Behind the scenes of Marketplace's interview with Obama
President Obama, in exclusive Marketplace interview, defended U.S. investment in alternative energy and called for more investment in the nation's infrastructure. Above, host Kai Ryssdal checks his notes during interview at the Copper Mountain solar plant in Nevada desert.
In this election year, it is all about the economy. We've heard about many of the economic policies of the various Republican presidential candidates. We figured it was just about time to hear from President Obama himself.
Yesterday, Marketplace host Kai Ryssdal headed to the Copper Mountain solar plant in Nevada desert to settle down by some solar panels and get into the nitty-gritty details of the economy with Mr. Obama.
But as we listened to the interview, we couldn't help but think: What was going on in Kai's mind as he sat across from the leader of the country?
In today's Mid-day Extra, we got the inside scoop on what the talented Mr. Ryssdal was really thinking during yesterday's interview.
Stacey Vanek Smith: We just heard part of Kai Ryssdal's interview with the president. Now for the inside scoop on that conversation, we have Kai here to talk with us. Hi Kai.
Kai Ryssdal: Hey Stacey.
Smith: So Kai, you sat down with the president in kind of an unusual spot -- set the scene for us, if you will.
Ryssdal: The president, as you know, is on a renewable energy tour. And yesterday we went to the Copper Mountain solar facility. We're about 30, 36 miles south, southeast of Las Vegas, which means we were all out in the Nevada desert surrounded by a million square feet of solar panels. So we were way out there.
Smith: Why the focus on energy, as opposed to other big economic issues like jobs, or housing?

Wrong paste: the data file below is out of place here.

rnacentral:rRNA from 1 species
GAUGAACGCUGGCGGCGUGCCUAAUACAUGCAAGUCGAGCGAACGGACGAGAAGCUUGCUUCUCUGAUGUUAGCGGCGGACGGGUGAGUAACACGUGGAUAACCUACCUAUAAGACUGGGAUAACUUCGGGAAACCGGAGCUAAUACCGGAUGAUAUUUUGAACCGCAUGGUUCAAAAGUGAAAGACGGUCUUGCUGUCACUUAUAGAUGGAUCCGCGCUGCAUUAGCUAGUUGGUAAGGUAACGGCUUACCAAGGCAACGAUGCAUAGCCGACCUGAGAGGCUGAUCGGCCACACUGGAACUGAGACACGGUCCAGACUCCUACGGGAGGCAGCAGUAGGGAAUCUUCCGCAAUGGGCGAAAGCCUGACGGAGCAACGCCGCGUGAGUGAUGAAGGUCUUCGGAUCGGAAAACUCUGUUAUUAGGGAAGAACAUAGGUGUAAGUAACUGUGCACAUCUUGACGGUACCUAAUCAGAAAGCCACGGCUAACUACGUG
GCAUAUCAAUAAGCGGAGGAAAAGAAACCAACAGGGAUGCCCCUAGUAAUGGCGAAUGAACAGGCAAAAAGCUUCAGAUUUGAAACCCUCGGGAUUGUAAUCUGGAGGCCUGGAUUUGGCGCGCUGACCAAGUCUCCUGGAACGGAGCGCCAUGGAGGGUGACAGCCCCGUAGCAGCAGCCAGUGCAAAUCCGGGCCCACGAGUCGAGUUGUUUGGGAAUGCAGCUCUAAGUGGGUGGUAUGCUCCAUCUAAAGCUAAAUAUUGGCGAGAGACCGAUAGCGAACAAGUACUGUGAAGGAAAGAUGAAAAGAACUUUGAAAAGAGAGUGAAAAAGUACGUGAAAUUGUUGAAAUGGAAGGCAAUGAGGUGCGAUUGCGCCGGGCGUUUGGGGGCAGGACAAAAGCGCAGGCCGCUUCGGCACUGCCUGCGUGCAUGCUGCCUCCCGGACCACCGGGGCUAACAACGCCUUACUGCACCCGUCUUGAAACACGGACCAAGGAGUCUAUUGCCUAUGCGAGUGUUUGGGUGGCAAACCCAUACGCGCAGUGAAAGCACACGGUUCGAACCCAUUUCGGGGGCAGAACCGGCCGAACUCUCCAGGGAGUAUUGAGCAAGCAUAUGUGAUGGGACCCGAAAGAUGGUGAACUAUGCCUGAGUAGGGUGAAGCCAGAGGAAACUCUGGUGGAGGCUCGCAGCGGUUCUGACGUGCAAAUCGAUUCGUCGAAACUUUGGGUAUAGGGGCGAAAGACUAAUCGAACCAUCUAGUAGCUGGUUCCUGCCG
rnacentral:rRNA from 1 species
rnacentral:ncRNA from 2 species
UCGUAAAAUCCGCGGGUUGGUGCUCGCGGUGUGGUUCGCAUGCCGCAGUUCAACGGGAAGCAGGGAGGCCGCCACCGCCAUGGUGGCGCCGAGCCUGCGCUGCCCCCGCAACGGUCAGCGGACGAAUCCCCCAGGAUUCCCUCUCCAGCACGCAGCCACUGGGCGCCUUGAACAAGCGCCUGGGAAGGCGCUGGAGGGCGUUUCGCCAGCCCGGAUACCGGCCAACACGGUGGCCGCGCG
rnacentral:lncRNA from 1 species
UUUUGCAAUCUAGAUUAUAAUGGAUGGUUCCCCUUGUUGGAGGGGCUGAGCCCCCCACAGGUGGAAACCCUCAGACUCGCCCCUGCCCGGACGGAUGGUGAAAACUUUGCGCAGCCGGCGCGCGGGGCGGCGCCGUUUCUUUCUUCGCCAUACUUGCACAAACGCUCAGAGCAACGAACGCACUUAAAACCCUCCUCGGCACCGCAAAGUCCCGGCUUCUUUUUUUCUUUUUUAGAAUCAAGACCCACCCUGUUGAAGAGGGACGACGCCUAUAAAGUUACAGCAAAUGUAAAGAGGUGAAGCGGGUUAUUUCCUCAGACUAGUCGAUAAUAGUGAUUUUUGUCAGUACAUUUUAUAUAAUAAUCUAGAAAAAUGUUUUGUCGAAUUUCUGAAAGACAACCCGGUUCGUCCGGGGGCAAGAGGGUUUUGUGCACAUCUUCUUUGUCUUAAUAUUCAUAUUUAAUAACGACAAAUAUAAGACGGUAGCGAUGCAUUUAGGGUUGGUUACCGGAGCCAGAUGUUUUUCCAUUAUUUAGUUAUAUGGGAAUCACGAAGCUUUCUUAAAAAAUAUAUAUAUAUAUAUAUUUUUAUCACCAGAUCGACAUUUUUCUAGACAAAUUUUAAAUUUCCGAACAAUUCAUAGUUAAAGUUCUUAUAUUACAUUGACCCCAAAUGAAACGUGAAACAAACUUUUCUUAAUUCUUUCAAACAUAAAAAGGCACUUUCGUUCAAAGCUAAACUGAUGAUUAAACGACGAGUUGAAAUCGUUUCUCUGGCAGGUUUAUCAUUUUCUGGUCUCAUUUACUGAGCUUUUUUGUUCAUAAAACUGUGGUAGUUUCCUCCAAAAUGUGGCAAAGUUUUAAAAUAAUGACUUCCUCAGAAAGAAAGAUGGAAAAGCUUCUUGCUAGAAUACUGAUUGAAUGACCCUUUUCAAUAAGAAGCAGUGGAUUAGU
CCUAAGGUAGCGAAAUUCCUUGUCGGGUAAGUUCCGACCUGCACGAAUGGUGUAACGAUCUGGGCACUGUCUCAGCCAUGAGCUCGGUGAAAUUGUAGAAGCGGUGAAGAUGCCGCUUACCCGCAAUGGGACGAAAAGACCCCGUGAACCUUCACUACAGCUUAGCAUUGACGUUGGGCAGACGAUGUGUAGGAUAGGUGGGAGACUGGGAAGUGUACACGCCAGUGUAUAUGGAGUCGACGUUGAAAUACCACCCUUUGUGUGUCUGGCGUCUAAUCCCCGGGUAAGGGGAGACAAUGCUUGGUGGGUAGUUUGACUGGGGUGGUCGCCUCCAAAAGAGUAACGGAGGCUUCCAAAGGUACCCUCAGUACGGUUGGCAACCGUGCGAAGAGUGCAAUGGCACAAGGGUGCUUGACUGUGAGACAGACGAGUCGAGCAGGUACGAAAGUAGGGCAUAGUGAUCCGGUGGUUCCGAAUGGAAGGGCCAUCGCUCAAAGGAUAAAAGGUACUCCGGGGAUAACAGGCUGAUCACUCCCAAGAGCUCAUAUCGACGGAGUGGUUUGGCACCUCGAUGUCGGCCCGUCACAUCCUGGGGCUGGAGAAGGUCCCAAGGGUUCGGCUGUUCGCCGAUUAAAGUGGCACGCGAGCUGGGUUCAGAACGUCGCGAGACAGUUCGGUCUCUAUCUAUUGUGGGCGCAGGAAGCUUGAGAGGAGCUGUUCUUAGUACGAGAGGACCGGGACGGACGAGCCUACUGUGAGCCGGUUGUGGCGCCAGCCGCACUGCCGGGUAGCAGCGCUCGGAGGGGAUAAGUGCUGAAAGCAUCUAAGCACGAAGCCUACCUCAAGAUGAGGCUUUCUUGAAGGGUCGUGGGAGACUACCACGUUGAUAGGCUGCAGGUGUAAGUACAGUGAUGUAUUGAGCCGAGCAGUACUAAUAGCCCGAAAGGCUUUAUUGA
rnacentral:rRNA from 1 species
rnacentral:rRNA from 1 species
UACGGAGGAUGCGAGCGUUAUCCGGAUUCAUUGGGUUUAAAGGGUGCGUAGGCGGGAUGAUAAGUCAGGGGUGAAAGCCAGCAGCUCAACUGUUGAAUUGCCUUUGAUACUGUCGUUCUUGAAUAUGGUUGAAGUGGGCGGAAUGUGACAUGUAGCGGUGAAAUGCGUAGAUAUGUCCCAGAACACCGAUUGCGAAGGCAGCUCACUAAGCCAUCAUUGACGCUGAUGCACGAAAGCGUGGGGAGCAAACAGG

Ryssdal: Because gas is $3.85 a gallon, that's why. And his Republican opponents are beating up on him about it; about him not being able to do more; about the fact that his energy policy has, in their words, "failed." And he realizes that for all you can say about the war in Afghanistan, for all you can say about international policy, this election will still hinge largely on economics. And the thing that's hitting people right now is paying $55 to fill up a tank of gas.
And what that actually does, Stacey, is that takes the payroll tax cut -- the tax cut that the president and the Republicans agreed on last year, that $40 a paycheck tax cut -- it takes it out of their pockets again. And the president sees that that's a bad thing for him politically, and so he wants to change perceptions.
Smith: And Kai, as strange as this may sound, I just have to ask: What's he like?
Ryssdal: He's taller than you think; he's about an inch taller than I am, which I don't think I expected... But you know, you don't get to have that job unless you are really good at talking and connecting to people. And you get that sense from the moment he starts shaking your hand. The man's the president of the United States, and it's an interesting moment when he's focusing his attention on you.
Smith: There you go. Words of wisdom from our own Kai Ryssdal. Kai, thanks very much.
Ryssdal: You bet.